Aid for the Scottish sufferers began to arrive almost immediately from all parts of the United States and Scotland. Donations came from the New York Caledonia club, from the St. Andrew’s Society of Albany, and from the Boston Caledonia club, just to mention a few. We often mentioned the donations sent by the city of Glasgow but others contributed as well such as: Greenoch, Cumnock, and Dunfermline. From the Scotch Presbyterian Church on 14th St. in New York City came a gift of $250.00. The Fourth Presbyterian Church also in New York City contributed $290.00. Even the Scotia Lodge (#634) sent two hundred dollars to the Scottish sufferers.
What did they do with the money? They bought railroad passes for 61 people to various parts of the country and Canada. They “sent 10 persons, mostly women and children, to their friends in Scotland.” Some of the money was used for “the necessaries of life, such as groceries and provisions and some under-clothing, and in a few cases of old, infirm, and bedridden applicants, we have paid rent of their rooms for a month or two to prevent their being turned into the street, and also procured admittance for 10 into the County Hospital, where two of them died and were buried by the Society.” (Taken from the Society minutes of the managers report - 1871.)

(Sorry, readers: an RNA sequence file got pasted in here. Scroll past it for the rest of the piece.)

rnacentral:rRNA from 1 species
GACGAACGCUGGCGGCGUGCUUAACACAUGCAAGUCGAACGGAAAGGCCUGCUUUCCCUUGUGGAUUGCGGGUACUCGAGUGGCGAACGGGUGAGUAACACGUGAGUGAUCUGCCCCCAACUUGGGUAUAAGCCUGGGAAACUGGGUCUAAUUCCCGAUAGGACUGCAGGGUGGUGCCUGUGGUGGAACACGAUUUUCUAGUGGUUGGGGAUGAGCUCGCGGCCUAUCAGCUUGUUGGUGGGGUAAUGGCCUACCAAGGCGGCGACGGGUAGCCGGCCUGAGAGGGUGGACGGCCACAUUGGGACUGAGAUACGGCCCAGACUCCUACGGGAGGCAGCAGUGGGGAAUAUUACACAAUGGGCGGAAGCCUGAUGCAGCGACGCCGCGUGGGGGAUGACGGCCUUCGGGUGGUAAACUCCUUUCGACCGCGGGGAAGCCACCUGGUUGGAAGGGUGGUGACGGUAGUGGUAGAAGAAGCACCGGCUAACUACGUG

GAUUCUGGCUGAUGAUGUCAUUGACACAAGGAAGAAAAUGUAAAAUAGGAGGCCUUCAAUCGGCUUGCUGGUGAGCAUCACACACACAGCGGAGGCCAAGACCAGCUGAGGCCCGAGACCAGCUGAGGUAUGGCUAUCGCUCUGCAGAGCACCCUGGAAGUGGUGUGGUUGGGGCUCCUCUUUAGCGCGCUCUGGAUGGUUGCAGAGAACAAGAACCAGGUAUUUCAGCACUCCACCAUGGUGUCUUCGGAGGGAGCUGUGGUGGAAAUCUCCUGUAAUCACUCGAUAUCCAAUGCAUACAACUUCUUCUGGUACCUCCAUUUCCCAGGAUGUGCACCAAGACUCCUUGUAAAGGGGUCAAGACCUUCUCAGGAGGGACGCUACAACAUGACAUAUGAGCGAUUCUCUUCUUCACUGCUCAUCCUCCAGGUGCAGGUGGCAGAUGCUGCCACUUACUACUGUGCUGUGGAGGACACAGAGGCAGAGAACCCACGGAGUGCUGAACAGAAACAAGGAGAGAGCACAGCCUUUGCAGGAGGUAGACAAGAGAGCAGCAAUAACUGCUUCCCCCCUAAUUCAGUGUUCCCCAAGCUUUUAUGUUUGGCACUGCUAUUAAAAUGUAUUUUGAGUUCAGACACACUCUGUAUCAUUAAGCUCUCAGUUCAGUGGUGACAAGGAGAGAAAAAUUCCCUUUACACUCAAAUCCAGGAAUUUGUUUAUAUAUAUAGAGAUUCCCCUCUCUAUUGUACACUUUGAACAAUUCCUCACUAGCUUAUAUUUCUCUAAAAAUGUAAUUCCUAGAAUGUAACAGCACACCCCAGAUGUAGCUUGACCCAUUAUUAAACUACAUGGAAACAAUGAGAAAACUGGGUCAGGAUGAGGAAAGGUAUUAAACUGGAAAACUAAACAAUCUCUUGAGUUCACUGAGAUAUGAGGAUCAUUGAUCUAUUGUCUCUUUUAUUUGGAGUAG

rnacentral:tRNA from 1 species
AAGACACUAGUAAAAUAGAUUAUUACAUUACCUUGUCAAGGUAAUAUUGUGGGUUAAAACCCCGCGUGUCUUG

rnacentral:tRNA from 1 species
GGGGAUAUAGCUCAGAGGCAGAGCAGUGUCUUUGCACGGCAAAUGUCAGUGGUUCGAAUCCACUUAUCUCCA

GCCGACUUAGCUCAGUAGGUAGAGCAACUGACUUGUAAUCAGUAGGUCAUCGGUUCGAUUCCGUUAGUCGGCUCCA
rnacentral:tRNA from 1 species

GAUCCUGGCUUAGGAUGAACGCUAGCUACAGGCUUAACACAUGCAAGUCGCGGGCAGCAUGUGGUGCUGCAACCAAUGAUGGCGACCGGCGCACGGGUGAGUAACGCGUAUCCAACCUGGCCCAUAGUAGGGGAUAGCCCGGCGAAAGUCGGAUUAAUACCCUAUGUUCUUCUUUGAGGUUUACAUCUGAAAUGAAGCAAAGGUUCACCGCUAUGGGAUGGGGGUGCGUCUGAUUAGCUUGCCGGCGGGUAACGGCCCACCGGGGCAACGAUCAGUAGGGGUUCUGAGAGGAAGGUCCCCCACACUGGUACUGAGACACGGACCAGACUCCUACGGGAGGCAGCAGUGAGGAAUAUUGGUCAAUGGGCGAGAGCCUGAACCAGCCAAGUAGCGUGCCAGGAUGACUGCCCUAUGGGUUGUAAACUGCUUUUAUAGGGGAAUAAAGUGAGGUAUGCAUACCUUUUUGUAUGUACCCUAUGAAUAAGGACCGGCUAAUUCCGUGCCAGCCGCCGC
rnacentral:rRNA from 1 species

This statement appeared in the Chicago Tribune on February 20, 1872, and was sent as part of a resolution to Sen. John A. Logan of Illinois. “Resolved, that the citizens of Chicago do not ask any donations from the General Government to enable them to rebuild their burned homes and places of business, but they respectfully represent that the government should obtain its revenues from the profits and prosperity’s of the Country, and not from its losses and calamities; and inasmuch as the property destroyed in the unparalleled conflagration of the seventh, eighth, and ninth of October last had not once paid all the taxes lawfully imposed there on, we hold that it is unjust to require the payment of those taxes a second time for the restoration of that property.”(I wonder how that turned out?)
The Great Chicago Fire had a major impact on the Illinois St. Andrew’s Society, but they continued their work of charity and never lost track of their original vision to help those in need. On November 16, 2012, you can join others in a celebration of our history and accomplishments over the past 167 years. Click here for more information and to purchase tickets.
Wayne Rethford, President Emeritus
Illinois St. Andrew’s Society
The next meeting of the History Club will be November 6. All are welcome and there is no charge. Reservations are helpful so please call 708.447.5092 to make yours. The main speaker will be Molly McNeil. Molly is a second grade teacher and a visit to Africa this past summer had a major impact on her life.
We are also pleased to announce that Annika Strolle will be present along with Rosie Johnson.